Governor Francis W. Sargent appointed him to this Court. At his swearing-in ceremony, he famously paid tribute to his great friend and colleague, Justice R. Ammi Cutter, saying that he hoped "to follow in his footnotes." His own skill as a writer was legendary. He believed that crafting a brief or legal opinion was an exercise in storytelling and that facts were "everything." He commented to at least one former law clerk that, "if after reading the fact section, it is not clear exactly how the case must come out, then the author has not done his job." In his published opinions, Justice Kaplan was rarely content merely to resolve the limited case in front of him, preferring to use the case as a teachable moment. As he put it, "each case should leave the reader with a better understanding of the law."

Justice Kaplan was an incisive examiner from the bench, but never a showy one. He once advised a former law clerk, "Never ask a question from the bench merely to show how smart you are; ask only those questions that are likely to lead to an answer that will help you resolve the case."

But more than intellect and a desire to teach shone through his writing, which was regularly peppered with humor. While serving as a recall judge on the Appeals Court, he commented on this Court’s practice of transferring cases from the Appeals Court sua sponte, recommending that the Court would "do well not to seize everything with some life to it . . . : the Supreme Court must, or at least should, have regard to the psychological and intellectual health of Appeals Court judges, if nothing else." Regularly described as intellectually "restless," Justice Kaplan believed that the relative "liveliness" of a case was "not so much intrinsic to it[,] as a question of what intelligence and reflection can bring to it." Indeed, he thought that "[a] transforming imagination may make of a case, at first glance just drab ditchwater, an occasion to construct an edifice with ingenuity and novelty." In almost three decades on the bench, Justice Kaplan gave a master class on the scope and reach of such a "transforming imagination."

On behalf of the Commonwealth, I respectfully move that this Memorial be spread on the records of the Supreme Judicial Court.

Eric D. Green, Esquire, addressed the court as follows:

May it please the Court, I would like to offer these memories of Justice Benjamin Kaplan on behalf of we few, we happy few -- Justice Kaplan’s law clerks -- who were specially privileged to be blessed with a one year private tutorial by the greatest -- if also the most demanding -- law teacher of our education. I believe that I can safely represent on behalf of all of Justice Kaplan’s law clerks that while none of us felt qualified for the selection, each of us emerged from the experience with the knowledge that what he imparted to us in terms of standards of analytical rigor, understanding of the path of the law, and precision in explication we would carry with us and benefit from for the rest of our lives; and, by the model he personified, that we had a duty to pass these standards of excellence on to those who followed.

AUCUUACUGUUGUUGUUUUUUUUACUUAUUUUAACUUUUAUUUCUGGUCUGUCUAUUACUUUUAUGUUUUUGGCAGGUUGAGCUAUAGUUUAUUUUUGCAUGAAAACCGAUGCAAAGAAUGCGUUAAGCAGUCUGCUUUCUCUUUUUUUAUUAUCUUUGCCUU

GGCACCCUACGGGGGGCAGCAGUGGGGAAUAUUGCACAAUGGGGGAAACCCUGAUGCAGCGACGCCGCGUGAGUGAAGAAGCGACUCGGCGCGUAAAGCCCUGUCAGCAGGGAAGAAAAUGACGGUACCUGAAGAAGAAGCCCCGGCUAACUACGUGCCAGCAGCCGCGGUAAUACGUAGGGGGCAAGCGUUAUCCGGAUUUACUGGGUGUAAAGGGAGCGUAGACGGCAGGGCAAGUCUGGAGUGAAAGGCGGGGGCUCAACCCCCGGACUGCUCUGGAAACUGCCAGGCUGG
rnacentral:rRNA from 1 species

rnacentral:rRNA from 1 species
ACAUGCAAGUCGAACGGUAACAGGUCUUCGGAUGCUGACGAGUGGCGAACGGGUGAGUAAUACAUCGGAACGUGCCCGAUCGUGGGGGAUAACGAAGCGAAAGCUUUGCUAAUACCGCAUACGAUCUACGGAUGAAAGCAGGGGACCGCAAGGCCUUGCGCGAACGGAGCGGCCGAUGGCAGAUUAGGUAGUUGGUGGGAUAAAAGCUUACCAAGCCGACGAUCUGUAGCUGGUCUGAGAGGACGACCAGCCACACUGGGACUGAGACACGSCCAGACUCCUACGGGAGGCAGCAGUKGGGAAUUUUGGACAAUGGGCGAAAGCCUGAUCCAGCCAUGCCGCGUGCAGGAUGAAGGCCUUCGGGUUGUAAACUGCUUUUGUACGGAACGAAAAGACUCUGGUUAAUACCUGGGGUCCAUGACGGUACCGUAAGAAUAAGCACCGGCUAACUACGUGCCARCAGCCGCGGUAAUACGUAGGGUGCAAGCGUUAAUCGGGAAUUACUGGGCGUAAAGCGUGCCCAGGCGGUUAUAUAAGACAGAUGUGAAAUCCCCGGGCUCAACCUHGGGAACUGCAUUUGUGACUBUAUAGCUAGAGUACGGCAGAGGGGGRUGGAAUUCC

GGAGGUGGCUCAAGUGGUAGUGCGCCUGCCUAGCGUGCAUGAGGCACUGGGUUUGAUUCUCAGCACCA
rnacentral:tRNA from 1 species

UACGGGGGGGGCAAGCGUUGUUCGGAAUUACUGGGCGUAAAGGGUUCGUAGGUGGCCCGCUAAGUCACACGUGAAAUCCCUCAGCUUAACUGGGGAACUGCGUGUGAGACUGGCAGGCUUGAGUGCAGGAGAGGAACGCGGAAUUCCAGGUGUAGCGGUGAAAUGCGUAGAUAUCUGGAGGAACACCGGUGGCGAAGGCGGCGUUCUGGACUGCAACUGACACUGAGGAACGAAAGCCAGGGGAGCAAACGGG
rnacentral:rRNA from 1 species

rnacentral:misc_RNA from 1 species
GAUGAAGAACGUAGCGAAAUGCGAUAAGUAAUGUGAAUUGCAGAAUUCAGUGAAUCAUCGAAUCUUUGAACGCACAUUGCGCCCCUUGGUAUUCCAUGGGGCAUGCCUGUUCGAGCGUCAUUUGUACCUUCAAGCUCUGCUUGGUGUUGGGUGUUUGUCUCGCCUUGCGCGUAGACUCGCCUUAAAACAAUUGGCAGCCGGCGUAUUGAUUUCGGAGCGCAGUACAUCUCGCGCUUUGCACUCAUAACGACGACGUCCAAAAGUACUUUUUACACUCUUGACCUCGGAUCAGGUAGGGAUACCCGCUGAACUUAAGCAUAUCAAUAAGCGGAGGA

I was off punting at the other Cambridge on a Knox Fellowship from Mother Harvard, trying to figure out how I could postpone my entry into what seemed like the dour world of law firm practice, when word came through that Professor Kaplan had been appointed to the Supreme Judicial Court and was in need of a law clerk for his first full year on the bench. Somehow I had missed officially taking a course from Professor Kaplan at law school, but by my third year I had heard enough to know that I just had to have the Kaplan experience. Arrogantly, I sneaked into his Advanced Civil Procedure course on a surreptitious and unauthorized audit incursion. I was dazzled -- by the method, the insights, the precision and focus of the legal deconstruction, the erudition, and, in the end, simply the man at the podium. Though Professor Kaplan could be ruthless in analysis, a student making a good point made his eyes sparkle: "Rave on! Rave on, Lad!" he would exhort. So when the clerkship opportunity actually presented itself, I jumped at it, not understanding really what I was getting myself into.

From the first, my wife and I were swept into that special Cambridge (Massachusetts) cocoon stretching from Oxford Street to Mt. Auburn Street that seemed to revolve around the Kaplan house on Bond Street. Justice Kaplan and his wife, the amazing Felicia Lamport, made sure to take such good care of us, from finding us lovely accommodations in the back of a physician’s house on Hubbard Park on the Brattle Riviera with both a swimming pool and a tennis court (!), to making sure we were properly inducted into that wonderful bubble of intellectual and cultural life. This extraordinary generosity and kindness from Justice Kaplan and Felicia, a constant presence, was a special gift that all of his clerks treasured, and went a long way to balancing out the other part, which all of his clerks also treasured, but in a very different way.